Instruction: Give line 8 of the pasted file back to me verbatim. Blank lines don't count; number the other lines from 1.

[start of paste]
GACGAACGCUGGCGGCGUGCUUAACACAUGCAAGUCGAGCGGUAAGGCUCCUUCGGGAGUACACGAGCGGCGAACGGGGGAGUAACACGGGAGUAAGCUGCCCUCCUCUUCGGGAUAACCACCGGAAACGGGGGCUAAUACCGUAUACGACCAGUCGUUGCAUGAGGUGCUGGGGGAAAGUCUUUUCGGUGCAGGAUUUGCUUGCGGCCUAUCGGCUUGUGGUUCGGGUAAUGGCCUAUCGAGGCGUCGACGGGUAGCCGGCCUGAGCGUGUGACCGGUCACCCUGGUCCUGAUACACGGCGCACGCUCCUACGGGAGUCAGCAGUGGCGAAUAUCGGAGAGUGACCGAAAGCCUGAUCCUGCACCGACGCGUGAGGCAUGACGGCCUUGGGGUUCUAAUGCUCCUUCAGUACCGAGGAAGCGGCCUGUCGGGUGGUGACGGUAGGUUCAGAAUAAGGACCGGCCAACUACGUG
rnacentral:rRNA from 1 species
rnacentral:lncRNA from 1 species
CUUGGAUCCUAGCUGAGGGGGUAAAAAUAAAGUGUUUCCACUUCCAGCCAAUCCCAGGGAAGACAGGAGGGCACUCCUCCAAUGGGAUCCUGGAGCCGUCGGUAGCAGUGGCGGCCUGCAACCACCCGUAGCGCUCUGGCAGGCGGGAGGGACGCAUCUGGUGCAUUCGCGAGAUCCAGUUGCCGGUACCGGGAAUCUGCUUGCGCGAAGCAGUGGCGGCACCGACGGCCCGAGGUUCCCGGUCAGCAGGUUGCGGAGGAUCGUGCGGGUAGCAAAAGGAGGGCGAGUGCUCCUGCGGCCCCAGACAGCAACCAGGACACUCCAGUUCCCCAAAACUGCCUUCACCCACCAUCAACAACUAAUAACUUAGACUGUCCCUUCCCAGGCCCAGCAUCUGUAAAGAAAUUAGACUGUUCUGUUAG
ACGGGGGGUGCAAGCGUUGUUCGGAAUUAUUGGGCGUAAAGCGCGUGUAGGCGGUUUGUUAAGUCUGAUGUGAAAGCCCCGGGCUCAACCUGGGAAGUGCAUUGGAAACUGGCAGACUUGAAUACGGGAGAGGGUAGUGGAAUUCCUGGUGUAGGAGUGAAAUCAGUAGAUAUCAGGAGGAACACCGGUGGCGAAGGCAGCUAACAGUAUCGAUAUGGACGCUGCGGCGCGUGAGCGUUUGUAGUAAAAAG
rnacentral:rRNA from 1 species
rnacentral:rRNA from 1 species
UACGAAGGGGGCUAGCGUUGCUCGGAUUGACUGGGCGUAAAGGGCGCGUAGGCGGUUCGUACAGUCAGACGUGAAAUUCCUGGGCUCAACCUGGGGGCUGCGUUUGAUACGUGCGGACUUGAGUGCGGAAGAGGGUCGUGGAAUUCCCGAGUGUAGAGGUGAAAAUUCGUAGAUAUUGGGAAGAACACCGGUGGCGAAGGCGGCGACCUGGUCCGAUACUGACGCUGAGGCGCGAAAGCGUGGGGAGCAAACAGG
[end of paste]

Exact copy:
UACGAAGGGGGCUAGCGUUGCUCGGAUUGACUGGGCGUAAAGGGCGCGUAGGCGGUUCGUACAGUCAGACGUGAAAUUCCUGGGCUCAACCUGGGGGCUGCGUUUGAUACGUGCGGACUUGAGUGCGGAAGAGGGUCGUGGAAUUCCCGAGUGUAGAGGUGAAAAUUCGUAGAUAUUGGGAAGAACACCGGUGGCGAAGGCGGCGACCUGGUCCGAUACUGACGCUGAGGCGCGAAAGCGUGGGGAGCAAACAGG